My Mom thinks it's hysterical that I posted a recipe here (Monday Night Chicken) and with good reason. It has taken me years to warm up to cooking (no pun intended...okay maybe a little.) I'm alive, so obviously I've been able to feed myself. And I am healthy and don't weigh as much as my Chevy Malibu, so I've fed myself plenty of healthy fare thanks to lots of salads and the George Foreman grill. (If you ever need a salad recipe, I'm your girl.)
But lately, I adore cooking. It's like someone flipped a switch and I totally enjoy the process involved in turning wholesome ingredients into meals. So let's just say that George doesn't get out much anymore, and that is OK by me.
What's more, I never intended for food to occupy so much space on this blog, but I suppose I shouldn't be so surprised. Eating is such a significant part of living a balanced life. Every day we have at least three opportunities (or more like five or six) to make choices that will keep us feeling healthy and balanced. In fact, I once came across a stat that said we make approximately 200 food decisions every day. Although we're on autopilot most of the time, there really is so much that goes into deciding when to eat, what to eat, what not to eat, how to eat, where to eat, and more.
Well, I've got something that will answer the "what" part of eating. Allow me to introduce you to one of my favorite foods: Kale. This stuff is seriously so good and so good for you. It's loaded with iron, calcium, vitamin A, vitamin C, vitamin K, fiber, and so much more. It sort of falls under the same category as Brussels sprouts. By this, I mean that you might think you don't like kale, but you probably haven't had it prepared the right way. (Omg, roasted Brussels sprouts are to die for! A little EVOO, some Kosher salt, a dash of pepper, pop those babies in the oven and they come out crispy and YUM!)
Okay. Deep breaths. Let's get back to kale.
The truth is that kale is in season mid winter through early spring. I try to eat foods when they're in season as much as possible because it's better for the environment and that's when they're also most nutrient dense. But the kale at Whole Foods looked so incredible yesterday that I just couldn't resist when I heard its green leafy goodness calling my name.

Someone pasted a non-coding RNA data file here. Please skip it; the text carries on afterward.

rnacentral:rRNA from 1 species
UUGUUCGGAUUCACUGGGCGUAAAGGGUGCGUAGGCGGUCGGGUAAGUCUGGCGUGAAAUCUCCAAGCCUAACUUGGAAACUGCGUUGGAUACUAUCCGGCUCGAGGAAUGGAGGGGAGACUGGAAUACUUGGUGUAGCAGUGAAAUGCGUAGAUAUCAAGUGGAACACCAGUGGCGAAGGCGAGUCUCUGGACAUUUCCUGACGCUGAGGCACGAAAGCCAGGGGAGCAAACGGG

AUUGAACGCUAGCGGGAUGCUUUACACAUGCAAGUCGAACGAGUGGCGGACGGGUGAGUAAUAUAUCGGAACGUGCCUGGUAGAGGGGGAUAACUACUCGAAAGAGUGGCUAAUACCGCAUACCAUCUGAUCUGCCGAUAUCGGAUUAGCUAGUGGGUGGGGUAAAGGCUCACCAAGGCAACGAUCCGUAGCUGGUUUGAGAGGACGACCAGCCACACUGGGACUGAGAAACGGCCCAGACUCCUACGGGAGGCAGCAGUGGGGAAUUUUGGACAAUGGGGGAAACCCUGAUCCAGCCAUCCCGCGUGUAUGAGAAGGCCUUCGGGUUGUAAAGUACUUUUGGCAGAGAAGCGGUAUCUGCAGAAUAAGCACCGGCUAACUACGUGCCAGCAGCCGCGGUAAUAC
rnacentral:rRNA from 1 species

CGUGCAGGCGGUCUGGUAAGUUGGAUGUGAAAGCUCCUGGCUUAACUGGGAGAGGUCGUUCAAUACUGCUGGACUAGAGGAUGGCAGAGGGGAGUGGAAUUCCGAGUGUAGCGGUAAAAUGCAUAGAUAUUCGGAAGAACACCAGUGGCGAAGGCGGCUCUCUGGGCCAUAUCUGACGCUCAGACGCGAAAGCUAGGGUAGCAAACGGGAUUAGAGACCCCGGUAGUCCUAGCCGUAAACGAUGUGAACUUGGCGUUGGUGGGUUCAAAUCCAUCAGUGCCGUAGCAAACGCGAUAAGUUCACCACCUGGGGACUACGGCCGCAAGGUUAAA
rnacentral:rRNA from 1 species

If you've never cooked it (or have and hated it) here is my no-fail recipe (again, courtesy of my sister who may need to tweak the recipe--although it worked perfectly for me last night--when she returns for bar-exam hell.)
One note: When my mom used to e-mail me recipes, she'd include steps like, "take out a cutting board and knife," or, "peel the cucumber with a vegetable peeler," and, "put the oil in the skillet before turning on the heat." So please forgive me if some of these steps are a little obvious. I love to cook, but I can still be a little clueless in the kitchen. On that note...
Meet kale. There are lots of varieties. My favorite, pictured here, is curly because it has such great texture and I am all about texture.
Rinse it in the sink and drain it in a collander. It's okay if there's a little water left, but be sure to remove any dirt/sand.
Using a knife, remove the stems that run all the way through the leaves. (They're too tough to eat.) Cut the leaves into smaller pieces.
Chop 1/2 an onion and sautee in a little EVOO until onion becomes translucent.
Add kale to the pan with the onions. Pour some organic low-sodium chicken broth (maybe 1/4 cup) into the pan to give the kale some moisture and flavor to soak up. It should not be swimming. Sprinkle with Kosher salt. Place lid on pan and allow the kale to cook until it becomes a bright green color - about 5 to 7 minutes.
Dinner is served: Salmon (with Monday Night spices) roasted with yellow peppers and tomatoes in the oven at 450 degrees for 10 minutes served alongside delicious, nutritious kale.
How's that, Mom?